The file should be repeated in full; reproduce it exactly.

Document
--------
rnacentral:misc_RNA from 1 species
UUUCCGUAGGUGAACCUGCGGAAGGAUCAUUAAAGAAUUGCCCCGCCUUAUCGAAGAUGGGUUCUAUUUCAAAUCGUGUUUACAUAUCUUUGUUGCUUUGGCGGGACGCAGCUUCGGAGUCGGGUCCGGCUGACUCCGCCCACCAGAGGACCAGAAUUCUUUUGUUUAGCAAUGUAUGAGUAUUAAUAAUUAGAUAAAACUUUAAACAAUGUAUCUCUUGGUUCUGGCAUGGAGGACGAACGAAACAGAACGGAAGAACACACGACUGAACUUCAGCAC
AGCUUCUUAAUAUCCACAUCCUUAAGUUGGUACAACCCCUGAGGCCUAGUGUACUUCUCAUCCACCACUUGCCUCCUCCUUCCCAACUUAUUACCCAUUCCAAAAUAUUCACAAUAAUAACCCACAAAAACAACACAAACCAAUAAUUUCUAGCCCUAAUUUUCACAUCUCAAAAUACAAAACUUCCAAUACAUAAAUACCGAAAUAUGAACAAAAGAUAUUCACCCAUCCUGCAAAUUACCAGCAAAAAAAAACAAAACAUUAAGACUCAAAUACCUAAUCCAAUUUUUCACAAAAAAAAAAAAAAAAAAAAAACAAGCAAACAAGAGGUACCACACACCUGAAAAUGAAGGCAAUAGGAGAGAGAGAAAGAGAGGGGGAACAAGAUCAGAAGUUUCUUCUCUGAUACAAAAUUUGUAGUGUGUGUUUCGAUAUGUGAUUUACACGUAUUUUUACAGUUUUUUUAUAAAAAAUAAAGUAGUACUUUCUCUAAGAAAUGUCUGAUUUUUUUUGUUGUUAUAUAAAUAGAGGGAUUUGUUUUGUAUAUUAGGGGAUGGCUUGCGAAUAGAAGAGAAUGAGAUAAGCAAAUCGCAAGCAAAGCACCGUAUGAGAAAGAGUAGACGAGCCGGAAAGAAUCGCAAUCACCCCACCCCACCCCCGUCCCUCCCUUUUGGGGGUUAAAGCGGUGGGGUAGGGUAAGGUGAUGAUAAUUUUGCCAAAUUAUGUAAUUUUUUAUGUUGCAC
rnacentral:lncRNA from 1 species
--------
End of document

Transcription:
rnacentral:misc_RNA from 1 species
UUUCCGUAGGUGAACCUGCGGAAGGAUCAUUAAAGAAUUGCCCCGCCUUAUCGAAGAUGGGUUCUAUUUCAAAUCGUGUUUACAUAUCUUUGUUGCUUUGGCGGGACGCAGCUUCGGAGUCGGGUCCGGCUGACUCCGCCCACCAGAGGACCAGAAUUCUUUUGUUUAGCAAUGUAUGAGUAUUAAUAAUUAGAUAAAACUUUAAACAAUGUAUCUCUUGGUUCUGGCAUGGAGGACGAACGAAACAGAACGGAAGAACACACGACUGAACUUCAGCAC
AGCUUCUUAAUAUCCACAUCCUUAAGUUGGUACAACCCCUGAGGCCUAGUGUACUUCUCAUCCACCACUUGCCUCCUCCUUCCCAACUUAUUACCCAUUCCAAAAUAUUCACAAUAAUAACCCACAAAAACAACACAAACCAAUAAUUUCUAGCCCUAAUUUUCACAUCUCAAAAUACAAAACUUCCAAUACAUAAAUACCGAAAUAUGAACAAAAGAUAUUCACCCAUCCUGCAAAUUACCAGCAAAAAAAAACAAAACAUUAAGACUCAAAUACCUAAUCCAAUUUUUCACAAAAAAAAAAAAAAAAAAAAAACAAGCAAACAAGAGGUACCACACACCUGAAAAUGAAGGCAAUAGGAGAGAGAGAAAGAGAGGGGGAACAAGAUCAGAAGUUUCUUCUCUGAUACAAAAUUUGUAGUGUGUGUUUCGAUAUGUGAUUUACACGUAUUUUUACAGUUUUUUUAUAAAAAAUAAAGUAGUACUUUCUCUAAGAAAUGUCUGAUUUUUUUUGUUGUUAUAUAAAUAGAGGGAUUUGUUUUGUAUAUUAGGGGAUGGCUUGCGAAUAGAAGAGAAUGAGAUAAGCAAAUCGCAAGCAAAGCACCGUAUGAGAAAGAGUAGACGAGCCGGAAAGAAUCGCAAUCACCCCACCCCACCCCCGUCCCUCCCUUUUGGGGGUUAAAGCGGUGGGGUAGGGUAAGGUGAUGAUAAUUUUGCCAAAUUAUGUAAUUUUUUAUGUUGCAC
rnacentral:lncRNA from 1 species